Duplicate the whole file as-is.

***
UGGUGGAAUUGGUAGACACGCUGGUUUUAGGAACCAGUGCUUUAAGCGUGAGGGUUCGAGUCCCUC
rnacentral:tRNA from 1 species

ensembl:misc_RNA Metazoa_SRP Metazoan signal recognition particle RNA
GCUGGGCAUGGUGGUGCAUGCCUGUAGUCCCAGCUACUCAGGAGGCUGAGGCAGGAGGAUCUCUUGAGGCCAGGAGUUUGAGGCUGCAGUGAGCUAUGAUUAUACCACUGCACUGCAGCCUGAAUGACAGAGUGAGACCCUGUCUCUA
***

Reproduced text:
UGGUGGAAUUGGUAGACACGCUGGUUUUAGGAACCAGUGCUUUAAGCGUGAGGGUUCGAGUCCCUC
rnacentral:tRNA from 1 species

ensembl:misc_RNA Metazoa_SRP Metazoan signal recognition particle RNA
GCUGGGCAUGGUGGUGCAUGCCUGUAGUCCCAGCUACUCAGGAGGCUGAGGCAGGAGGAUCUCUUGAGGCCAGGAGUUUGAGGCUGCAGUGAGCUAUGAUUAUACCACUGCACUGCAGCCUGAAUGACAGAGUGAGACCCUGUCUCUA